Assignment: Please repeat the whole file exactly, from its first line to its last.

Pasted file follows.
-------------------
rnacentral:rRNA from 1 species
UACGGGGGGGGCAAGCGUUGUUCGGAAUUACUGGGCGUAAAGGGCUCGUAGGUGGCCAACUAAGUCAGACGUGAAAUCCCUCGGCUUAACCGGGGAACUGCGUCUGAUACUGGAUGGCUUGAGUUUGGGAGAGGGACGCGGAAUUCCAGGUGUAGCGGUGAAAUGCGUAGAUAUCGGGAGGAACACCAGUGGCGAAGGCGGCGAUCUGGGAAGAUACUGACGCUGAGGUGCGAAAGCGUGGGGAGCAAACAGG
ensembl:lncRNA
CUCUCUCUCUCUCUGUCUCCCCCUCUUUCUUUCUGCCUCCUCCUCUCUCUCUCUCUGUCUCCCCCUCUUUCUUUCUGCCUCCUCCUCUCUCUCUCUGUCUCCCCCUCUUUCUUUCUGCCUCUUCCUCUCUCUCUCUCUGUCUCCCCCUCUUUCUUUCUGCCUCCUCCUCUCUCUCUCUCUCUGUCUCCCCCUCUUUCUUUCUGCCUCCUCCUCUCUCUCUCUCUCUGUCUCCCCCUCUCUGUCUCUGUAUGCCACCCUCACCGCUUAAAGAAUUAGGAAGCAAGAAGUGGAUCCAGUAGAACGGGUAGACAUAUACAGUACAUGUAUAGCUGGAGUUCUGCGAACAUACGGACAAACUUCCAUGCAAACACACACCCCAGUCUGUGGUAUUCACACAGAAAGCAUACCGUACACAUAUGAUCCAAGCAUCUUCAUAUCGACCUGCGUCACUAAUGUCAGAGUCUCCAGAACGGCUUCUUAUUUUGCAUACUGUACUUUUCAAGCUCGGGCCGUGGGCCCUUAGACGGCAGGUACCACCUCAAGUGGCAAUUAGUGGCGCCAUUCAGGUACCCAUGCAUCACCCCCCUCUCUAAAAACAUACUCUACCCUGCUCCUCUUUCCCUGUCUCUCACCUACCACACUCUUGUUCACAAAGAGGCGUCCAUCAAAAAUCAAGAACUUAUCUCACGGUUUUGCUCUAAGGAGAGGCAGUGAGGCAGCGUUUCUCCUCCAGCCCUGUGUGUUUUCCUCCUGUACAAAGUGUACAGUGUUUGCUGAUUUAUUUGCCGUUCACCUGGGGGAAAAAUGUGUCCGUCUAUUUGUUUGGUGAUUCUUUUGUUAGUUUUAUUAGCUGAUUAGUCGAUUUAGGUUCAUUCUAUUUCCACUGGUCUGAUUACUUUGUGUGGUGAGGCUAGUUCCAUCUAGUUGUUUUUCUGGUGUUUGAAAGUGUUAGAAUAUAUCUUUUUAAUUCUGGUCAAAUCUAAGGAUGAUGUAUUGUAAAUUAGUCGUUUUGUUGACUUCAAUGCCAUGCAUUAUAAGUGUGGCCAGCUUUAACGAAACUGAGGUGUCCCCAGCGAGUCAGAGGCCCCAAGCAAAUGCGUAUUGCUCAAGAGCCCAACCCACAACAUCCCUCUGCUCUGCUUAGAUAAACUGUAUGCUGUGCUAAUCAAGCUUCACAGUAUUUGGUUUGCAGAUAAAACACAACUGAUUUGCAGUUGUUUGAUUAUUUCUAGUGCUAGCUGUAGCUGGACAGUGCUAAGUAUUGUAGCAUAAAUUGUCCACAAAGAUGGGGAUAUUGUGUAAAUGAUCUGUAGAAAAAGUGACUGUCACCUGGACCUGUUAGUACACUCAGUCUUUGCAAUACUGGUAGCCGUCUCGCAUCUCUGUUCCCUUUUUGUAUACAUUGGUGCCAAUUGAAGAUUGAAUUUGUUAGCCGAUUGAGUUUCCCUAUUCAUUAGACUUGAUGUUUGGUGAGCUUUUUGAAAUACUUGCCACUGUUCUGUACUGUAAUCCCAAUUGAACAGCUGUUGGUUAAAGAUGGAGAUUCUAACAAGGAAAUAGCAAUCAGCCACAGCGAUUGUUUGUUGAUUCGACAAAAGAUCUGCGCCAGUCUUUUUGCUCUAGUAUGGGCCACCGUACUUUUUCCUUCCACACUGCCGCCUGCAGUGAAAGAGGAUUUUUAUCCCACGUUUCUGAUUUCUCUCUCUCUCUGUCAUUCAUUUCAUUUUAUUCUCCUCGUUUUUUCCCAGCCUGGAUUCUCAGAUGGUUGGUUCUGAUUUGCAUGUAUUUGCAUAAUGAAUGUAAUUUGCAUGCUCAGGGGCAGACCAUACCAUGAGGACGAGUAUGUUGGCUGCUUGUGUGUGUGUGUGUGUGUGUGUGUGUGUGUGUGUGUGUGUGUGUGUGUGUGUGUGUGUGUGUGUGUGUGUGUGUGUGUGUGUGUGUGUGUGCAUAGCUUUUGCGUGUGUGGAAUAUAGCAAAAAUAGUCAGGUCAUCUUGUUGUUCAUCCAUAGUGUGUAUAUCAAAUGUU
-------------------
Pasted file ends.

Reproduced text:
rnacentral:rRNA from 1 species
UACGGGGGGGGCAAGCGUUGUUCGGAAUUACUGGGCGUAAAGGGCUCGUAGGUGGCCAACUAAGUCAGACGUGAAAUCCCUCGGCUUAACCGGGGAACUGCGUCUGAUACUGGAUGGCUUGAGUUUGGGAGAGGGACGCGGAAUUCCAGGUGUAGCGGUGAAAUGCGUAGAUAUCGGGAGGAACACCAGUGGCGAAGGCGGCGAUCUGGGAAGAUACUGACGCUGAGGUGCGAAAGCGUGGGGAGCAAACAGG
ensembl:lncRNA
CUCUCUCUCUCUCUGUCUCCCCCUCUUUCUUUCUGCCUCCUCCUCUCUCUCUCUCUGUCUCCCCCUCUUUCUUUCUGCCUCCUCCUCUCUCUCUCUGUCUCCCCCUCUUUCUUUCUGCCUCUUCCUCUCUCUCUCUCUGUCUCCCCCUCUUUCUUUCUGCCUCCUCCUCUCUCUCUCUCUCUGUCUCCCCCUCUUUCUUUCUGCCUCCUCCUCUCUCUCUCUCUCUGUCUCCCCCUCUCUGUCUCUGUAUGCCACCCUCACCGCUUAAAGAAUUAGGAAGCAAGAAGUGGAUCCAGUAGAACGGGUAGACAUAUACAGUACAUGUAUAGCUGGAGUUCUGCGAACAUACGGACAAACUUCCAUGCAAACACACACCCCAGUCUGUGGUAUUCACACAGAAAGCAUACCGUACACAUAUGAUCCAAGCAUCUUCAUAUCGACCUGCGUCACUAAUGUCAGAGUCUCCAGAACGGCUUCUUAUUUUGCAUACUGUACUUUUCAAGCUCGGGCCGUGGGCCCUUAGACGGCAGGUACCACCUCAAGUGGCAAUUAGUGGCGCCAUUCAGGUACCCAUGCAUCACCCCCCUCUCUAAAAACAUACUCUACCCUGCUCCUCUUUCCCUGUCUCUCACCUACCACACUCUUGUUCACAAAGAGGCGUCCAUCAAAAAUCAAGAACUUAUCUCACGGUUUUGCUCUAAGGAGAGGCAGUGAGGCAGCGUUUCUCCUCCAGCCCUGUGUGUUUUCCUCCUGUACAAAGUGUACAGUGUUUGCUGAUUUAUUUGCCGUUCACCUGGGGGAAAAAUGUGUCCGUCUAUUUGUUUGGUGAUUCUUUUGUUAGUUUUAUUAGCUGAUUAGUCGAUUUAGGUUCAUUCUAUUUCCACUGGUCUGAUUACUUUGUGUGGUGAGGCUAGUUCCAUCUAGUUGUUUUUCUGGUGUUUGAAAGUGUUAGAAUAUAUCUUUUUAAUUCUGGUCAAAUCUAAGGAUGAUGUAUUGUAAAUUAGUCGUUUUGUUGACUUCAAUGCCAUGCAUUAUAAGUGUGGCCAGCUUUAACGAAACUGAGGUGUCCCCAGCGAGUCAGAGGCCCCAAGCAAAUGCGUAUUGCUCAAGAGCCCAACCCACAACAUCCCUCUGCUCUGCUUAGAUAAACUGUAUGCUGUGCUAAUCAAGCUUCACAGUAUUUGGUUUGCAGAUAAAACACAACUGAUUUGCAGUUGUUUGAUUAUUUCUAGUGCUAGCUGUAGCUGGACAGUGCUAAGUAUUGUAGCAUAAAUUGUCCACAAAGAUGGGGAUAUUGUGUAAAUGAUCUGUAGAAAAAGUGACUGUCACCUGGACCUGUUAGUACACUCAGUCUUUGCAAUACUGGUAGCCGUCUCGCAUCUCUGUUCCCUUUUUGUAUACAUUGGUGCCAAUUGAAGAUUGAAUUUGUUAGCCGAUUGAGUUUCCCUAUUCAUUAGACUUGAUGUUUGGUGAGCUUUUUGAAAUACUUGCCACUGUUCUGUACUGUAAUCCCAAUUGAACAGCUGUUGGUUAAAGAUGGAGAUUCUAACAAGGAAAUAGCAAUCAGCCACAGCGAUUGUUUGUUGAUUCGACAAAAGAUCUGCGCCAGUCUUUUUGCUCUAGUAUGGGCCACCGUACUUUUUCCUUCCACACUGCCGCCUGCAGUGAAAGAGGAUUUUUAUCCCACGUUUCUGAUUUCUCUCUCUCUCUGUCAUUCAUUUCAUUUUAUUCUCCUCGUUUUUUCCCAGCCUGGAUUCUCAGAUGGUUGGUUCUGAUUUGCAUGUAUUUGCAUAAUGAAUGUAAUUUGCAUGCUCAGGGGCAGACCAUACCAUGAGGACGAGUAUGUUGGCUGCUUGUGUGUGUGUGUGUGUGUGUGUGUGUGUGUGUGUGUGUGUGUGUGUGUGUGUGUGUGUGUGUGUGUGUGUGUGUGUGUGUGUGUGUGUGUGCAUAGCUUUUGCGUGUGUGGAAUAUAGCAAAAAUAGUCAGGUCAUCUUGUUGUUCAUCCAUAGUGUGUAUAUCAAAUGUU